When honing the cylinders, try to maintain a good cross-hatch pattern.
Once the block and heads were cleaned we applied stripper to take off any residual paint, then wiped down the surfaces with phosphoric acid (metal prep.) The acid dried overnight and we sprayed a coat of self-etching primer to prevent flash-rust and get the pieces ready for painting. We also cleaned and prepared the timing chain cover, intake manifold, water pump and oil gallery cover.
By the time we'd cleaned the assemblies the new parts were delivered. Starting with the block, we proceeded to put the engine together. The first thing, of course, was to thoroughly clean out the cylinders and hone them for the new pistons and rings. After honing we wiped the surfaces clean with several applications of solvent to get rid of any leftover grit. We cleaned the main bearing journals, rod and crank journals and oil galleries the same way. We double-checked the new ring end gap and then sprayed the cylinder walls with fogging oil.
We inserted the rings into the cylinder to check the ring gap.
We assembled the rods onto the new pistons and installed the new rings. After cleaning and inspecting the lifters, camshaft and bearings, we coated the parts with assembly lube and installed them. We did so because access to the parts was far easier without the crank and rods being in the way.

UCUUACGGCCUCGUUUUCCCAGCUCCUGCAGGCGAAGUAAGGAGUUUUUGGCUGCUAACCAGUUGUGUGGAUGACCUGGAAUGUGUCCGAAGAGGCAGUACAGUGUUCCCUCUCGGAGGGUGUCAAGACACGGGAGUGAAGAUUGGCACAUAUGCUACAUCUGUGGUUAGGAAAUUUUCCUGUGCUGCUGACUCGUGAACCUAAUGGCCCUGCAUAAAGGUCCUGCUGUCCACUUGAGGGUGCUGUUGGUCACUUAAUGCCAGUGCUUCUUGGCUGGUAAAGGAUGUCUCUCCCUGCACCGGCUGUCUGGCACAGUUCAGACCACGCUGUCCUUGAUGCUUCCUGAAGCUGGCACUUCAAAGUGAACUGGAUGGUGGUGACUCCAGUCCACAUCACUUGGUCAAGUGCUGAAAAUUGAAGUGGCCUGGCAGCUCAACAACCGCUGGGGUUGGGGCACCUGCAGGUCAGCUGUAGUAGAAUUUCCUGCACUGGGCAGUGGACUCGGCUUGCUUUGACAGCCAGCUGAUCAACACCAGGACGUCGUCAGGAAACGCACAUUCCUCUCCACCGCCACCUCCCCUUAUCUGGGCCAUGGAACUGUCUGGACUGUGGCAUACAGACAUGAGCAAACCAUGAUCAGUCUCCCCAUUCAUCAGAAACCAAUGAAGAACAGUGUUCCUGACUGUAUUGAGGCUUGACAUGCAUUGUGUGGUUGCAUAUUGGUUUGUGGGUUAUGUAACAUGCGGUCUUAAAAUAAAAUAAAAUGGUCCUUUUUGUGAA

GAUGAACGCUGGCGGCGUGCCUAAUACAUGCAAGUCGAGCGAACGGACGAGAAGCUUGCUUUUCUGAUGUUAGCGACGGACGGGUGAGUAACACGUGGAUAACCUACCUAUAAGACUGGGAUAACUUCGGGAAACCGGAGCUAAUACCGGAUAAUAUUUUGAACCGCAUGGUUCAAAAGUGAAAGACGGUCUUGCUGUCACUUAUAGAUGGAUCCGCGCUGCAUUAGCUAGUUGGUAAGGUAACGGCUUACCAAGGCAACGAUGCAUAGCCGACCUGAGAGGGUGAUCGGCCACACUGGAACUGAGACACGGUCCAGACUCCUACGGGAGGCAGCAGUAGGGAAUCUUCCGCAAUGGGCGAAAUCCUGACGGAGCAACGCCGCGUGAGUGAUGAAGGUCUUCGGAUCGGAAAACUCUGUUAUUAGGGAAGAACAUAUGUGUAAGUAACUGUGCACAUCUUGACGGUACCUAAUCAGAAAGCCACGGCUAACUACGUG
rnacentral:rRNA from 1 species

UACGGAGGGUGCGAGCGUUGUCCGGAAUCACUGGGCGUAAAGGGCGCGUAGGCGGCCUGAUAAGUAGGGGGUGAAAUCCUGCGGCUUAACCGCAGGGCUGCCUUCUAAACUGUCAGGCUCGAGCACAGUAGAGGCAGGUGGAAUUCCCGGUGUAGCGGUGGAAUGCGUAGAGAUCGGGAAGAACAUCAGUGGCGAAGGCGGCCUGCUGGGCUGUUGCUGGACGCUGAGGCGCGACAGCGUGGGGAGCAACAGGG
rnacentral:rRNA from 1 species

New pistons and rods.
Installing the camshaft...note generous application of assembly lube.
The crankshaft went in next, after coating each main bearing and journal with assembly lube. We carefully torqued all the main bearing caps a little at a time, making sure the crankshaft turned freely as each cap was tightened. Once the caps and end seals were properly tightened, we carefully measured the crankshaft end play. This is a critical dimension, as too little causes leaks and block failure while too much causes main and rod inserts to wear quickly. Next we installed each piston/rod into its proper cylinder. We turned the crankshaft frequently to be certain that nothing was binding.
We put a nice coating of assembly lube on the main bearing caps during assembly.
The sleeve holds the rings in place as we slide the piston in.
With the pistons, crank, camshaft, etc., in their places, we carefully installed the timing chain and sprockets. The Y-Block has a somewhat strange procedure for installing the chain, so we consulted several sources and double-checked the location of the timing marks while counting the number of links of chain between the marks (12). After assuring ourselves everything was correct we installed the cover and its crankshaft seal, then turned our attention to the heads.